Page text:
Resting an entirety of a movie, especially one such as the new dramatic horror movie They Remain, squarely on the shoulders of just two actors shows impressive confidence in the cast and the presentation of the overall production. Such assurance, at times, can be misguided. Even big budget studios have failed to realize such a daunting task in an advantageous manner. So, can a lower budget movie with limited resources create taut tension in a way that doesn’t feel forced with relatable, engaging performances?
“…researchers who set up camp on the site of a recent ritual cult massacre.”
The narrative of They Remain sets up the reason for its focus on two players in a fairly simple and reasonable manner. Keith (William Jackson Harper) and Jessica (Rebecca Henderson) are researchers who set up camp on the site of a recent ritual cult massacre. The wildlife on the compound has been exhibiting very erratic and worrisome behavior since the incident. Neither of them is particularly excited to be there with the other, as they are former lovers, now curt and aloof towards each other. As the days tick by, they become outraged by every minuscule thing the other does, mimicking the unpredictable behavior of the animals they are investigating. Is it the monotony of the work and lack of stimuli getting to them? Or does something sinister remain woven into the site, unleashing its vile, destructive will upon all the living beings around?
Keith and Jessica are fascinating people, feeling fully formed and relatable. This is in part due to the writing, but equally because of the two actors onscreen. Harper plays the listless yet professional Keith flawlessly. The audience can always see his point of view and understand him, which is good because he is occasionally a bit of an arrogant jerk. Henderson for her part equals her male counterpoint in every way. Steadfast but still caring, she makes it obvious what each saw in the other.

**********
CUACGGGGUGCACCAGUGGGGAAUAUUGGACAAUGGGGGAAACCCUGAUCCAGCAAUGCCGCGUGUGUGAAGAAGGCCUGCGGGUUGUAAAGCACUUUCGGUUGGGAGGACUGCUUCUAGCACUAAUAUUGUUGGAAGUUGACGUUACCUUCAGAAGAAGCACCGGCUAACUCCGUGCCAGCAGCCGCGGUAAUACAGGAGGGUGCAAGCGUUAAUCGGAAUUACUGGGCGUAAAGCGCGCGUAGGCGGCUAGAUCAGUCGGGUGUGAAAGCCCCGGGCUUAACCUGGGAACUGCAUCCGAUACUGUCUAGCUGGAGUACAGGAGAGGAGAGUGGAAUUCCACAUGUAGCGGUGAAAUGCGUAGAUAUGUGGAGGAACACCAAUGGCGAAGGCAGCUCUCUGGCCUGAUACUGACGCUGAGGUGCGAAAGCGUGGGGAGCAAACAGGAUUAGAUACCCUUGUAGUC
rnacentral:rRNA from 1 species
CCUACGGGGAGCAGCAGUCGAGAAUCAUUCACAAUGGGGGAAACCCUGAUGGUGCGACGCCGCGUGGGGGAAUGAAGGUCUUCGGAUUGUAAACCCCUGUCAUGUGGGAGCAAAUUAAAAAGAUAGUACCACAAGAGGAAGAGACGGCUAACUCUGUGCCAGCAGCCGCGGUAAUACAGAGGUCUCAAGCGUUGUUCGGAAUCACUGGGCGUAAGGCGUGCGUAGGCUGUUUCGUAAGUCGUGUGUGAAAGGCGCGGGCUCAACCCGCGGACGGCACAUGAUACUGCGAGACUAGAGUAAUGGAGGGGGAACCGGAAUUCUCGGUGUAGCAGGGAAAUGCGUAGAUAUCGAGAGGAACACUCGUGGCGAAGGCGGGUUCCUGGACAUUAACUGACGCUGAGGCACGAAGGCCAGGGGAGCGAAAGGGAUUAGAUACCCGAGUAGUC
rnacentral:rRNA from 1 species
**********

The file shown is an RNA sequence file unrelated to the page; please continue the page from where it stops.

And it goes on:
“…slow build of dread…”
Based on the short story –30– by prolific author Laird Barron, screenwriter-director Philip Gelatt directs with energy and allows the slow build of dread to slowly seep into the audience’s mind before the buildup explodes into a beautiful, kinetic ending. However, the movie runs approximately an hour and fifty minutes, which means that the purposely crafted atmosphere dissipates for a good ten to fifteen minutes in the middle. There are only so many scenes of these characters bickering and getting angrier at each other, then observing worse effects in the animals, just to rinse and repeat, that add to the plot, characters, and unease. Cutting out a sequence of this would have benefited everything the movie is trying to build towards and how it pursues that destination. It is a great horror movie with more on its mind than just blood and guts.
They Remain opens with an H.P. Lovecraft quote, which sets the mood for the eldritch environment the movie explores. While it runs a bit too long, the direction is impeccable, the acting brilliant, and the ending pays off the slow build with something explosive yet heady.
They Remain (2018). Directed by Philip Gelatt. Written by Philip Gelatt. Starring William Jackson Harper, Rebecca Henderson.